Haines, Alaska
The Chilkat Mountain Range is seen above the town of Haines, Alaska October 7, 2014. Reuters/Bob Strong

In a massive landslide this week, a 4,000-foot-high mountainside collapsed in Glacier Bay National Park. It spread debris for miles across the glacier below. The collapse comes as a powerful reminder of the instable mountains in this part of Alaska. The glacier ends at the Johns Hopkins inlet, a popular stop for cruise ships, just 10 miles away.

According to the data provided by Alaska Earthquake Centre, the landslide caused seismic tremors with a magnitude of 2.9, which is about as strong as a small earthquake. The slide could have originated 6,500 feet high at a peak on the west side of the glacier. Although it is unclear how much of the rock gave way, the Lamont-Doherty Earth Observatory believes that the slide had more than 165 million tons of material.

The giant landslide was first noticed by sightseeing pilot Paul Swanstrom on June 28. A part of the mountain near Lamplugh Glacier gave way. It was around 100 miles northwest of Juneau. Swanstrom took photos several hours after the slide. A dark mass spread over the glacier.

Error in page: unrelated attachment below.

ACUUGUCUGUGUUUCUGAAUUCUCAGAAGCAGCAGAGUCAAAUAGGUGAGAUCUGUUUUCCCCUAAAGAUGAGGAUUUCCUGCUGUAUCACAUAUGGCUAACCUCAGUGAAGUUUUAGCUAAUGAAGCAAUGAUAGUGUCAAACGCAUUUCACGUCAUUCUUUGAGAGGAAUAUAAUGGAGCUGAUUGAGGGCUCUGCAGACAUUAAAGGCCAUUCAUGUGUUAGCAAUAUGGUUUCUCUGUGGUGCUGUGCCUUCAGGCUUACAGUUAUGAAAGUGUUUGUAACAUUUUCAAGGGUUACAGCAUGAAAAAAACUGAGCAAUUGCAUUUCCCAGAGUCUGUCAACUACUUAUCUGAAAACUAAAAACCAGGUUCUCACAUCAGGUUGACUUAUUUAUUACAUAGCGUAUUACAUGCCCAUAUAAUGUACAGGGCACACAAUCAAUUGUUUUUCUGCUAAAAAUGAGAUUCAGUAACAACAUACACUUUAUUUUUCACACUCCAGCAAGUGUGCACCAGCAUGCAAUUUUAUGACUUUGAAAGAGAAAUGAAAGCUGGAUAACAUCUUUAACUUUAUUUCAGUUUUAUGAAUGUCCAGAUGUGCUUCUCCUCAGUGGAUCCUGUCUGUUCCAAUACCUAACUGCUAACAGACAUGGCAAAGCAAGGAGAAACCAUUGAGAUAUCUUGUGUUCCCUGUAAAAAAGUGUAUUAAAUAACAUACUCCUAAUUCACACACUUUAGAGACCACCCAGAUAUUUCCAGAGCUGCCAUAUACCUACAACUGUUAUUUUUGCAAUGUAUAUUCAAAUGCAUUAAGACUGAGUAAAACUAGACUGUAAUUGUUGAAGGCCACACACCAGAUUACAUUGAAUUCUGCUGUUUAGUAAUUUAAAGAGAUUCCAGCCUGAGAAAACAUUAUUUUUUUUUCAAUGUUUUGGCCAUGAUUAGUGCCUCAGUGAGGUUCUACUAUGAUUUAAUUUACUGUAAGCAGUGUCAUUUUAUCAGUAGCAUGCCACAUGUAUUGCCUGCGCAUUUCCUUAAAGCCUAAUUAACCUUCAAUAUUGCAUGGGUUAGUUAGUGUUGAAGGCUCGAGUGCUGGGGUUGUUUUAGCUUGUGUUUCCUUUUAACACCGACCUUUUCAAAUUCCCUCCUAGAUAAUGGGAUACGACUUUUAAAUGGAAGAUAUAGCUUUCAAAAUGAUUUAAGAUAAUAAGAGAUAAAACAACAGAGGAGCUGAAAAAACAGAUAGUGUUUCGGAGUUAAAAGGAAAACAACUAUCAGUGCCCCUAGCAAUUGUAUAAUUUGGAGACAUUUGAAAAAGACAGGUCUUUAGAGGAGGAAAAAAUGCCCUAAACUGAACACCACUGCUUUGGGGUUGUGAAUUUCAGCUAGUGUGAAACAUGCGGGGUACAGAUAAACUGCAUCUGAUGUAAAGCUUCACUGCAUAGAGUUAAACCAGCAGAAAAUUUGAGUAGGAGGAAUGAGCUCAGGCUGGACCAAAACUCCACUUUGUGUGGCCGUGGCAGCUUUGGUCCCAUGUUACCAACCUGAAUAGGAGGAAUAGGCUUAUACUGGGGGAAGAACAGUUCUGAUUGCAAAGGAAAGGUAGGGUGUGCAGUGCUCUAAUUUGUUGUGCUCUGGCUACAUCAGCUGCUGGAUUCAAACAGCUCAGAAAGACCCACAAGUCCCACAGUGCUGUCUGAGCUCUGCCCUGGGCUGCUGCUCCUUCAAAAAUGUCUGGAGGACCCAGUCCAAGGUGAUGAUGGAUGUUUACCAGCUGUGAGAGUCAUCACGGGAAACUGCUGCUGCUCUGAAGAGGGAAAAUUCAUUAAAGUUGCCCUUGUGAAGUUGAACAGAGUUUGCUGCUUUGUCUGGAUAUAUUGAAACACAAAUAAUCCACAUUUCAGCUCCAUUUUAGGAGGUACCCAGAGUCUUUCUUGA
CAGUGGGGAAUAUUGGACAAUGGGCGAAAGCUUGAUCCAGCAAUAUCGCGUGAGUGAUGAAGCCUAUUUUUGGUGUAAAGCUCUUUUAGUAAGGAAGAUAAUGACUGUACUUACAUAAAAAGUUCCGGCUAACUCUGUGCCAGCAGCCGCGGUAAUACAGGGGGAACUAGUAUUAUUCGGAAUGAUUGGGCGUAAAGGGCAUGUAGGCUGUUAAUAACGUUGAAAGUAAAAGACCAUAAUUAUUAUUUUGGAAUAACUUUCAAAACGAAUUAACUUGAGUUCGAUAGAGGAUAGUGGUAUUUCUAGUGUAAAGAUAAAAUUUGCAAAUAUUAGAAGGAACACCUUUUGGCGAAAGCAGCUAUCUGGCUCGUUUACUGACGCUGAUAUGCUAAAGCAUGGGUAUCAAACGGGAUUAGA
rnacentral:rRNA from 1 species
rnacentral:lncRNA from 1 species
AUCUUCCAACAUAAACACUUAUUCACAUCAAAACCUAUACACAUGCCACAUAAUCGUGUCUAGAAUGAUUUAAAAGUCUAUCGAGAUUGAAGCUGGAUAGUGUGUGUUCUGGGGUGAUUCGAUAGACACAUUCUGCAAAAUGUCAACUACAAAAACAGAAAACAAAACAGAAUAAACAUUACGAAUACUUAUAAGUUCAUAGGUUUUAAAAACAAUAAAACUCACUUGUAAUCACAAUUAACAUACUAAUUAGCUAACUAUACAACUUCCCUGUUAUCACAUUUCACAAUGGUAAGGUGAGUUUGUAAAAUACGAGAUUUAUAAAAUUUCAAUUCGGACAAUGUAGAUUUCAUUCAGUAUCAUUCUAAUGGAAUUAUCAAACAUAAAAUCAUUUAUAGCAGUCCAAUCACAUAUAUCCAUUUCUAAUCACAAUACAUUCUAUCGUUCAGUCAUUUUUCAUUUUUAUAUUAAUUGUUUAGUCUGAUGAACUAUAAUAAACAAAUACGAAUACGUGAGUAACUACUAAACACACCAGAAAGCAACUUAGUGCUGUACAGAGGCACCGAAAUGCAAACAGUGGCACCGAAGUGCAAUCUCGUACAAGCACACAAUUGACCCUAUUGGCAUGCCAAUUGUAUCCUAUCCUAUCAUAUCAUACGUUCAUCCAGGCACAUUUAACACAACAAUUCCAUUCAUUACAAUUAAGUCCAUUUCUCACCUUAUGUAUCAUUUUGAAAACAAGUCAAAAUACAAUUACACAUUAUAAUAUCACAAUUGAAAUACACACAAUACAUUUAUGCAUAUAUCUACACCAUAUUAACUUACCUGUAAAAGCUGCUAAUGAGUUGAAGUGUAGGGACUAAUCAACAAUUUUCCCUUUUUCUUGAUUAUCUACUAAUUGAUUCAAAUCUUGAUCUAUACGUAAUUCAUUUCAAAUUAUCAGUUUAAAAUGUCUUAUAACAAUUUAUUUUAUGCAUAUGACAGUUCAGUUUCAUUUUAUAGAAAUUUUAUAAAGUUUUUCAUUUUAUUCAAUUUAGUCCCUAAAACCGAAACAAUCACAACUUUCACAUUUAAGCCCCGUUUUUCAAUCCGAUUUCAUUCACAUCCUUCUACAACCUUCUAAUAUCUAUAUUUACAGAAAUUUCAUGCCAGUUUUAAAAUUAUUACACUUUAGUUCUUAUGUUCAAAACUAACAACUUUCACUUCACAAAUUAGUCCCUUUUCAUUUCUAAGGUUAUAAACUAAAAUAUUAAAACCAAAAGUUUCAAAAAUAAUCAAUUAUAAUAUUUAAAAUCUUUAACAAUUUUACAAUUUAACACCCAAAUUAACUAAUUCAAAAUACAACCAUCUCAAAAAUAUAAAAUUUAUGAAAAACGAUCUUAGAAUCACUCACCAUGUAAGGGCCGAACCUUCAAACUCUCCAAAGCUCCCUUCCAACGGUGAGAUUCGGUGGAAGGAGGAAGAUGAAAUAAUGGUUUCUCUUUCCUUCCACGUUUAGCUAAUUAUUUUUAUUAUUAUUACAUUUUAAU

“We have events like this maybe three to five times per year around the world, and Southeast Alaska is the global hotspot,” Geomorphologist Colin Stark, whose team at Columbia University's Lamont-Doherty Earth Observatory discovered both the Glacier Bay and Taan Fiord landslides in seismic recordings, said in a Columbia University blog.

Scientists have stated that such slides will continue to occur as increasing temperatures cause more glacial melt. Glaciers support the mountainsides that surround them. However, when the ice disappears, slopes lose the support while erosion and earthquakes cause them to collapse.

A mountainside just next to Tyndall Glacier came crashing down in October 2015 aftre heavy rains. The debris entered an arm of Icy bay and caused a tsunami.

Stark and seismologist Göran Ekström have been developing a technique for the past seven years that may detect huge landslides by picking out their signature in the stream of seismic data created by earthquakes and other activity around the world. The technique may help governments sound tsunami warnings, warn of risks such as landslide-dammed rivers that may burst through and help rescuers find landslide-struck villages faster.